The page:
“I’m a human being with a family. I’ve been treated deplorably. For the last two years I’ve been stuck in a 6′ x 9′ cage, denied access to my family and my lawyers, and subjected to physical and emotional torture,” said King in a statement. “They’ve done this because of my beliefs, not because of my actions.”

In 2019, a report by the House Subcommittee on National Security found the federal prison system to be a hotbed of misconduct, sexual assault, and other violence — committed by correctional officers both against incarcerated people and female prison staff members. The report also pointed to the way officers permit certain incarcerated people to carry out assaults too. “Misconduct in the federal prison system is widespread, tolerated and routinely covered up or ignored, including among senior officials,” the New York Times reported, citing the congressional investigation.

The civil rights lawyers who filed King’s federal suit only learned the extent of their client’s suffering while building his defense for the hefty criminal charges he faces for allegedly assaulting an officer. Regan, one of the attorneys, described violence in the federal prison system as “like a mold, which grows rampant when unchecked in a dark place.”

Any litigation in which an incarcerated person is making claims against law enforcement officers faces an uphill battle: King’s word against that of officers with badges. Yet the lawsuit, Regan hopes, will go some way to keep in check Bureau of Prisons correctional officers’ seemingly retaliatory violence against King. “We feel it is the right thing to do, whether we win or not, to shed light on this injustice,” Regan told me. “We know there are hundreds of thousands of other cases similar or even worse than this one throughout the criminal punishment system.”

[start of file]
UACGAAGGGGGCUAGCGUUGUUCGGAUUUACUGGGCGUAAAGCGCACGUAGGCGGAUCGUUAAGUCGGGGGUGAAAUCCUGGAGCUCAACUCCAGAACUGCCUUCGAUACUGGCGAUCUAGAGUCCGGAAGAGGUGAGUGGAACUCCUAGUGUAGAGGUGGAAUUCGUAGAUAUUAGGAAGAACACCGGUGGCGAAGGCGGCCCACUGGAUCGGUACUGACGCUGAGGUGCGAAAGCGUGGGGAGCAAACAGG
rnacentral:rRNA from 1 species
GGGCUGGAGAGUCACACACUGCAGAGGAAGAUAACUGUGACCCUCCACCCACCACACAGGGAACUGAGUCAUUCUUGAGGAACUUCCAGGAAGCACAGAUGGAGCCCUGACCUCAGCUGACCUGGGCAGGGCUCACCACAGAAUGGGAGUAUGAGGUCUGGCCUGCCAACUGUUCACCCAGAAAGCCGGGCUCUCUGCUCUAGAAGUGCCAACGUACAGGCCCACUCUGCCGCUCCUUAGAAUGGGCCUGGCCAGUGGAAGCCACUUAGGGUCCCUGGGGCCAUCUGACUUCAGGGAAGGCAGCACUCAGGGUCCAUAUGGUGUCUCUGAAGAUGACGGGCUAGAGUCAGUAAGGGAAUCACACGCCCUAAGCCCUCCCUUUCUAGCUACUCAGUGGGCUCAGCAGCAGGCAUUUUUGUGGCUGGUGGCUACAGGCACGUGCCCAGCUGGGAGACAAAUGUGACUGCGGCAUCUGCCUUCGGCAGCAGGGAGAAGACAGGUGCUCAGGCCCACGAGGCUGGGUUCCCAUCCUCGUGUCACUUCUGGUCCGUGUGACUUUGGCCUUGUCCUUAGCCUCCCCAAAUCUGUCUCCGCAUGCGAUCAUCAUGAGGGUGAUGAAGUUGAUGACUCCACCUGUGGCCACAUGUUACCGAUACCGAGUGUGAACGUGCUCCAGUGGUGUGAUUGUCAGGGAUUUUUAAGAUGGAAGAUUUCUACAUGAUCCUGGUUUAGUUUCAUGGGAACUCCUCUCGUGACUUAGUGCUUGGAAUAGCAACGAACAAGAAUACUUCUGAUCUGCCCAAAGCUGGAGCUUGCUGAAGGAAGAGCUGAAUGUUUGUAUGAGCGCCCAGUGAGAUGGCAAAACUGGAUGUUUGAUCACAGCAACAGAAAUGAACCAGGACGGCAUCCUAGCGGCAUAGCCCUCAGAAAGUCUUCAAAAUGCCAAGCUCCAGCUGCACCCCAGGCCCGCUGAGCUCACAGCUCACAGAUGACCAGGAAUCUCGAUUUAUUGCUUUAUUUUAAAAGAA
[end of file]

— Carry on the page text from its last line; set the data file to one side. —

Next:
Regan is under no illusions about the difficulty of winning a case alleging widespread, state-sanctioned brutality. Even if a federal judge were to rule in King’s favor, no given legal victory can constitute justice within the inherent violence of the carceral system. For King’s attorneys, his case is nonetheless an opportunity to expose institutional violence and white supremacist collusion. And beyond this broader moral imperative, there is a deep concern for King’s life. The correctional officers “seem intent on killing him or allowing other people to kill him,” Regan told me. “We want to keep him alive until his release.”

CLDC Files Civil Rights Suit On Behalf of Anti-Racist Political Prisoner Eric King


Contact:  Lauren Regan, CLDC Executive Director and Senior Staff Attorney
[email protected] or (541) 687-9180

Eugene, OR —Today, the Civil Liberties Defense Center filed a federal civil rights lawsuit under Bivens v. Six Unnamed Agents of the Federal Bureau of Investigation, 403 U.S. 388 (1971), the Federal Tort Claims Act, and the Administrative Procedure Act, against the Federal Bureau of Prisons (“BOP”) and more than 40 of its correctional officers. The lawsuit was filed on behalf of Eric King, whose constitutional rights have been continually violated since 2018 in retaliation for his political and anti-racist actions while incarcerated. The complaint alleges that BOP officers have collaborated with each other, and with white supremacist prisoners, to target, harass, and assault Mr. King. Moreover, King has been held in solitary confinement (the Special Housing Unit, or SHU) for over 1,000 days with no explanation or legal justification, in violation of BOP and federal statutory policy. He is currently one of only 80 people who have been held in the SHU for more than a year, let alone almost three years.